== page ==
Ocean nutrient ratios governed by plankton biogeography

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The major nutrients nitrate and phosphate have one of the strongest correlations in the sea, with a slope similar to the average nitrogen (N) to phosphorus (P) content of plankton biomass (N/P = 16:1). The processes through which this global relationship emerges despite the wide range of N/P ratios at the organism level are not known. Here we use an ocean circulation model and observed nutrient distributions to show that the N/P ratio of biological nutrient removal varies across latitude in Southern Ocean surface waters, from 12:1 in the polar ocean to 20:1 in the sub-Antarctic zone. These variations are governed by regional differences in the species composition of the plankton community. The covariation of dissolved nitrate and phosphate is maintained by ocean circulation, which mixes the shallow subsurface nutrients between distinct biogeographic provinces. Climate-driven shifts in these marine biomes may alter the mean N/P ratio and the associated carbon export by Southern Ocean ecosystems.

At a glance


  1. Observed N* distribution in the Southern Ocean.
    Figure 1: Observed N* distribution in the Southern Ocean.

    a, Zonal mean section of N* ([NO3]16[PO43−]), with potential density anomaly contours (ρθ1,000kgm−3; thin lines) and schematic large-scale meridional overturning circulation patterns (arrows). Upwelling circumpolar deep water (CDW) is driven across the Antarctic polar front (APF) and the sub-Antarctic front (SAF) by Ekman transport, and subsides in the polar frontal zone (PFZ) to form Antarctic intermediate water (AAIW) and sub-Antarctic mode water (SAMW). b, Zonal mean vertical difference in N* between the surface and the thermocline (ΔN* = N*0–75mN*200–800m), globally and in individual sectors of the Southern Ocean.

  2. Redfield N* prediction.
    Figure 2: Redfield N* prediction.

    Southern Ocean surface N* gradient (dashed line) and ΔN* (solid line) predicted in model 1, assuming nutrient uptake and remineralization at the Redfield ratio. The northward increase in surface N* and low ΔN* values are inconsistent with observations.

  3. Diagnosed nutrient export ratios.
    Figure 3: Diagnosed nutrient export ratios.

    a, Spatial pattern of N/Pexp, derived in model 2 by diagnosing the export of NO3 and PO43− independently. b, Zonal mean export ratio (solid line) and contribution of diatoms to N export (dashed line) diagnosed in model 2. The grey envelope is an estimate of errors associated with the choice of model compensation depth (50–100m), the biological damping timescale (14d to 1yr) and the parameterization of dissolved organic matter (see Supplementary Information).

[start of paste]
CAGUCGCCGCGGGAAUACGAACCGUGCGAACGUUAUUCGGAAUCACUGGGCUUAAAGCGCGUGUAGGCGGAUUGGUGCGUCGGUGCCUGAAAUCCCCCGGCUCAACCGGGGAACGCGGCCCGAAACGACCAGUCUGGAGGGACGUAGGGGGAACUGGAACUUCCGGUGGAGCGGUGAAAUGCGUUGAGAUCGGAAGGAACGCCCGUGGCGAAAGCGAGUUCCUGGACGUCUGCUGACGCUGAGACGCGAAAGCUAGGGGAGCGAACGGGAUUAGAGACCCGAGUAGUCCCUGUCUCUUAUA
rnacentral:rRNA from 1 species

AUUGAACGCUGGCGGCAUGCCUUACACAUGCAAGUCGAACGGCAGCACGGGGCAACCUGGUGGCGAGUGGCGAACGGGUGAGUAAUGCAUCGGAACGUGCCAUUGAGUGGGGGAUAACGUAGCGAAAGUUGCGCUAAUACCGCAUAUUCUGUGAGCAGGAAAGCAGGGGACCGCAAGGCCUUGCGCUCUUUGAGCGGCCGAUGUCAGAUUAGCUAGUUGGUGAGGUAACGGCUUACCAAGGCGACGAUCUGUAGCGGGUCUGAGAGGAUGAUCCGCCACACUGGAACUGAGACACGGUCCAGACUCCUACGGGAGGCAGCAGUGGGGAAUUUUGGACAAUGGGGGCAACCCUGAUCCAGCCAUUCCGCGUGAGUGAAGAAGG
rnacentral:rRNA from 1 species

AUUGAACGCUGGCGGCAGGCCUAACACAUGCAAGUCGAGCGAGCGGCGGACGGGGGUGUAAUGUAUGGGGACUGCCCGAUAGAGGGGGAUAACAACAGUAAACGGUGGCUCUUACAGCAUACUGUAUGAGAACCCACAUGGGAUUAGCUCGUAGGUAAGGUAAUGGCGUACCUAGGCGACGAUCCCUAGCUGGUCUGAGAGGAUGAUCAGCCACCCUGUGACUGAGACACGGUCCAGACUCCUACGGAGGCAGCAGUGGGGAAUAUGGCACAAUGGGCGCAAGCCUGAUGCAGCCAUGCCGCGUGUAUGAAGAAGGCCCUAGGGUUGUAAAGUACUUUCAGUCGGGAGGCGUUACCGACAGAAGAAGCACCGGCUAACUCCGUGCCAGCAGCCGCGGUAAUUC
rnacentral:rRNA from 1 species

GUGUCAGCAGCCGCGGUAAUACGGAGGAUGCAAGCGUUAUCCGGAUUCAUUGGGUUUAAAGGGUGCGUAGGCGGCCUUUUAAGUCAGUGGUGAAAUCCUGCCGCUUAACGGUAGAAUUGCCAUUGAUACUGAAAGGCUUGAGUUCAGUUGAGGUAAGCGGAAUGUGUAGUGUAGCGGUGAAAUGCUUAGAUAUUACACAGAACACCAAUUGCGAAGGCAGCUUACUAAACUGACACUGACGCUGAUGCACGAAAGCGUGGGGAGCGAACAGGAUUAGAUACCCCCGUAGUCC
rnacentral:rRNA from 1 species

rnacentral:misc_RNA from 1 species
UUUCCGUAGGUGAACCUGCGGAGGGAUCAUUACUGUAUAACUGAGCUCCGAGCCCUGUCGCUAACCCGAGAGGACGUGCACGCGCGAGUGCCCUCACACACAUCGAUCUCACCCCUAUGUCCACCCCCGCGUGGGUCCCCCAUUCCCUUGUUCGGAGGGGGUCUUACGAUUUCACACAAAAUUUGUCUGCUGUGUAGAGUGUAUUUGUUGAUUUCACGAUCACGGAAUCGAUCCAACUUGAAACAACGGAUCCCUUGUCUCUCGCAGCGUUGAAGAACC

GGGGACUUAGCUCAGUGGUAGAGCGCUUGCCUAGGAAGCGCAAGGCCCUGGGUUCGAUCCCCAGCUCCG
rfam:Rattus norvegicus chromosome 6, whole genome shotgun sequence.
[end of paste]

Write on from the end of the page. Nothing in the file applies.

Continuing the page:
4. Circulation averaging of remineralized nutrients.
    Figure 4: Circulation averaging of remineralized nutrients.

    Depth profiles of [NO3]rem/[PO43−]rem in the Antarctic (solid line), Polar frontal (dotted line) and sub-Antarctic (dashed line) zones predicted in model 3. The reduction in variability with depth results from the physical mixing of remineralized nutrients.


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Author information


  1. Department of Atmospheric and Oceanic Sciences, University of California Los Angeles, Los Angeles, California 90095, USA

    • Thomas S. Weber &
    • Curtis Deutsch


T.S.W. conducted the simulations and analysed the results. C.D. designed the study. Both authors wrote the paper.

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The authors declare no competing financial interests.

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Supplementary information

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  1. Supplementary Information (4.1M)

    This file contains Supplementary Methods, Supplementary Tables 1-3, Supplementary Notes on sensitivity testing, Supplementary Figures 1-6 with legends and additional references.

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